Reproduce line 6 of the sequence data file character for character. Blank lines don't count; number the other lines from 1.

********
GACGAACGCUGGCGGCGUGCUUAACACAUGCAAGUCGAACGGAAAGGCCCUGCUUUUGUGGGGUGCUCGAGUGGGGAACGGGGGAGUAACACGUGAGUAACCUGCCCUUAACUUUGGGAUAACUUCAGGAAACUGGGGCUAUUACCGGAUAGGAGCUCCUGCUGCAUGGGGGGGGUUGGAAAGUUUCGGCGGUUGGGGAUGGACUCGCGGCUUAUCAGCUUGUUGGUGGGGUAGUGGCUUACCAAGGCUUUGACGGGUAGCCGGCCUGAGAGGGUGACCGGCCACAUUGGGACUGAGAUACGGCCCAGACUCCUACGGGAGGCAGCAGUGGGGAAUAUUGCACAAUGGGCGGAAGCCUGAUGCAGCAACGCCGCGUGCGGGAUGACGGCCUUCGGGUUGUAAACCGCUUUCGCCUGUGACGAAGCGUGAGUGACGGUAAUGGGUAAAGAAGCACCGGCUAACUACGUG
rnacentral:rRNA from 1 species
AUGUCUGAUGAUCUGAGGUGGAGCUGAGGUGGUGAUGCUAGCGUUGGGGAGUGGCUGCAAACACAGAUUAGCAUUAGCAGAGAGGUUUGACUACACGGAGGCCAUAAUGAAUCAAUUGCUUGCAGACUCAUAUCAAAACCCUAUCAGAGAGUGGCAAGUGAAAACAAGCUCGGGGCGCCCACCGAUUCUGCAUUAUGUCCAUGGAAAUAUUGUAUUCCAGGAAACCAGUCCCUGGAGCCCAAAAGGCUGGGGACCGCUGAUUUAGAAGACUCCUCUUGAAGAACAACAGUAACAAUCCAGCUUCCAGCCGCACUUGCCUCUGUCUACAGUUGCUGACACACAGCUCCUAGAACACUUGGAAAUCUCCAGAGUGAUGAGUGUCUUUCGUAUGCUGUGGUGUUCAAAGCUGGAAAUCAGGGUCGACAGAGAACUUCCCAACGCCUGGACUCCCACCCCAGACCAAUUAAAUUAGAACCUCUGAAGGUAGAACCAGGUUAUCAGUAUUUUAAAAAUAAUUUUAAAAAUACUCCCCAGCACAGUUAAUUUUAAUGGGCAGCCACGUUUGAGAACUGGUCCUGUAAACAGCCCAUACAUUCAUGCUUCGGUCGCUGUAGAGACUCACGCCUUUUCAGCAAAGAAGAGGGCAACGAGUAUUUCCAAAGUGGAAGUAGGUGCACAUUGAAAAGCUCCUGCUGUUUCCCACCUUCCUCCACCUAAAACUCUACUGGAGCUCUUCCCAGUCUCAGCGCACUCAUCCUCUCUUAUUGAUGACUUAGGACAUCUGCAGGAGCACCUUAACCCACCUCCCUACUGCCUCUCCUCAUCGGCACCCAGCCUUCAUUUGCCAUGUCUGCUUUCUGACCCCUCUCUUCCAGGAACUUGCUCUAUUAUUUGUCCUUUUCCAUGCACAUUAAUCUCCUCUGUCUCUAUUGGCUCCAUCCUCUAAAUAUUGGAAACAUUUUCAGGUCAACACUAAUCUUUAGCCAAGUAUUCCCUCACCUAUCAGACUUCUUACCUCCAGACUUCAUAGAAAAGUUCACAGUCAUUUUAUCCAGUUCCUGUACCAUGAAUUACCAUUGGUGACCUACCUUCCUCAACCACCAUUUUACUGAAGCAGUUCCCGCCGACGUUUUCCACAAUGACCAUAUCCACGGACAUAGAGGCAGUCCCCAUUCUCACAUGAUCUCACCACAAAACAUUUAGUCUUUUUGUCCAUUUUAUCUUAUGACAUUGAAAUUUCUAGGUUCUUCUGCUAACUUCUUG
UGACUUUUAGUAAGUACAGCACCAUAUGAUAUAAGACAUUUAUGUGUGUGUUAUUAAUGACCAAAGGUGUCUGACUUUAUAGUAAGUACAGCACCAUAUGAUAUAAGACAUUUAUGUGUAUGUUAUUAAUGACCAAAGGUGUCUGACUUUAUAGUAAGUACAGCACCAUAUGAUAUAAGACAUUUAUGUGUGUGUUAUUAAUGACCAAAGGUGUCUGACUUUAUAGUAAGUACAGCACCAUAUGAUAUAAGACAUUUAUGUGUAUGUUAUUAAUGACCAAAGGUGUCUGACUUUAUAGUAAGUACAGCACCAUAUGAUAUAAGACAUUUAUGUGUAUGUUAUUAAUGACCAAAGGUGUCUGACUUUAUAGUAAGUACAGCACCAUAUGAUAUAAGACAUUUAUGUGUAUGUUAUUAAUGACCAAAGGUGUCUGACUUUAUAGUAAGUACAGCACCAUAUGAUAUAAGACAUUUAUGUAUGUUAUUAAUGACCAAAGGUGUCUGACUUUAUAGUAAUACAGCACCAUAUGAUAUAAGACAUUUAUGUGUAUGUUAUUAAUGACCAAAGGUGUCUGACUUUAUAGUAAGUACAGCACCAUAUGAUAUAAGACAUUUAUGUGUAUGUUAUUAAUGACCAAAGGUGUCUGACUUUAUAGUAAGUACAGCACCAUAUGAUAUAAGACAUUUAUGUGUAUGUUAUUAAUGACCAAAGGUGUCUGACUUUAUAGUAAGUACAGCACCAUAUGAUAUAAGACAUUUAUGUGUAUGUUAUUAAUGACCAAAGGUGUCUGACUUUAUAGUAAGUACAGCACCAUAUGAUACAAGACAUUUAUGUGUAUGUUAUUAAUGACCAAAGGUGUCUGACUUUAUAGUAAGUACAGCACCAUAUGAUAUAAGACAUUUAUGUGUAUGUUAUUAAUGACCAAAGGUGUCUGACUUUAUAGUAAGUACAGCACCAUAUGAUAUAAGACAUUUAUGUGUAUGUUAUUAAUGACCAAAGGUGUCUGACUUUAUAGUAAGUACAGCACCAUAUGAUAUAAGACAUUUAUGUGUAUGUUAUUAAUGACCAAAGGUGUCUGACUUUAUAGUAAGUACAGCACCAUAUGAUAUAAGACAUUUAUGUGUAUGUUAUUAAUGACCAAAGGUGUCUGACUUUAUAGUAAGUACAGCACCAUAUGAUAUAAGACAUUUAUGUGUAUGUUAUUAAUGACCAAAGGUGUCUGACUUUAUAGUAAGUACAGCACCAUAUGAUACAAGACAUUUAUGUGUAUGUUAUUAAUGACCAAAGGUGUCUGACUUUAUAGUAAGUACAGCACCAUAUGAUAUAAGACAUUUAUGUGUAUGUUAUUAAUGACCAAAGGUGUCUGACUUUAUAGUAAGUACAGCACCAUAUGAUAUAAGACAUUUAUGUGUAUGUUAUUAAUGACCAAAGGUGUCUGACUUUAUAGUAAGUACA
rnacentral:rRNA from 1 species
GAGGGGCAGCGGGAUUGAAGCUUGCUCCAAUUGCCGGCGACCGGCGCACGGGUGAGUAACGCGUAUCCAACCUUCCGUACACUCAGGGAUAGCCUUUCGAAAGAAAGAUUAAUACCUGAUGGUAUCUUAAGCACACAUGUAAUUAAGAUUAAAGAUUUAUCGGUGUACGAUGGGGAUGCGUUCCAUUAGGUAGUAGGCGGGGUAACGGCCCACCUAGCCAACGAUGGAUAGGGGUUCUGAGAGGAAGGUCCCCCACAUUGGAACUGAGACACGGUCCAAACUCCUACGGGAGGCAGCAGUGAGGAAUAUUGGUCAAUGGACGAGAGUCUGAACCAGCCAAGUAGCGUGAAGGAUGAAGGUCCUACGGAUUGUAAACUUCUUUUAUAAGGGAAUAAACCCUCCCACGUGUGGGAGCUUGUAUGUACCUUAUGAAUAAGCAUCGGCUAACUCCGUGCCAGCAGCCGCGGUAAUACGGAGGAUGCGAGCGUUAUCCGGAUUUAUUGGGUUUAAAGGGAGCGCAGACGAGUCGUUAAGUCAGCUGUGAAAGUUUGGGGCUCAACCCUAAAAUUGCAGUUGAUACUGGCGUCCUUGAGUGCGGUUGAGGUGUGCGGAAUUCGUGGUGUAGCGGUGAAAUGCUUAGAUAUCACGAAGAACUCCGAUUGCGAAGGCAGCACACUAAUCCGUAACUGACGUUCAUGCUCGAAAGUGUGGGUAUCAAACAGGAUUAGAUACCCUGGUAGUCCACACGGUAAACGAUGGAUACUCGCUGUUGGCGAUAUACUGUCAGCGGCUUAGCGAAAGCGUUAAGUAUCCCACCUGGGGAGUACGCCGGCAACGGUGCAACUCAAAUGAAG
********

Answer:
GAGGGGCAGCGGGAUUGAAGCUUGCUCCAAUUGCCGGCGACCGGCGCACGGGUGAGUAACGCGUAUCCAACCUUCCGUACACUCAGGGAUAGCCUUUCGAAAGAAAGAUUAAUACCUGAUGGUAUCUUAAGCACACAUGUAAUUAAGAUUAAAGAUUUAUCGGUGUACGAUGGGGAUGCGUUCCAUUAGGUAGUAGGCGGGGUAACGGCCCACCUAGCCAACGAUGGAUAGGGGUUCUGAGAGGAAGGUCCCCCACAUUGGAACUGAGACACGGUCCAAACUCCUACGGGAGGCAGCAGUGAGGAAUAUUGGUCAAUGGACGAGAGUCUGAACCAGCCAAGUAGCGUGAAGGAUGAAGGUCCUACGGAUUGUAAACUUCUUUUAUAAGGGAAUAAACCCUCCCACGUGUGGGAGCUUGUAUGUACCUUAUGAAUAAGCAUCGGCUAACUCCGUGCCAGCAGCCGCGGUAAUACGGAGGAUGCGAGCGUUAUCCGGAUUUAUUGGGUUUAAAGGGAGCGCAGACGAGUCGUUAAGUCAGCUGUGAAAGUUUGGGGCUCAACCCUAAAAUUGCAGUUGAUACUGGCGUCCUUGAGUGCGGUUGAGGUGUGCGGAAUUCGUGGUGUAGCGGUGAAAUGCUUAGAUAUCACGAAGAACUCCGAUUGCGAAGGCAGCACACUAAUCCGUAACUGACGUUCAUGCUCGAAAGUGUGGGUAUCAAACAGGAUUAGAUACCCUGGUAGUCCACACGGUAAACGAUGGAUACUCGCUGUUGGCGAUAUACUGUCAGCGGCUUAGCGAAAGCGUUAAGUAUCCCACCUGGGGAGUACGCCGGCAACGGUGCAACUCAAAUGAAG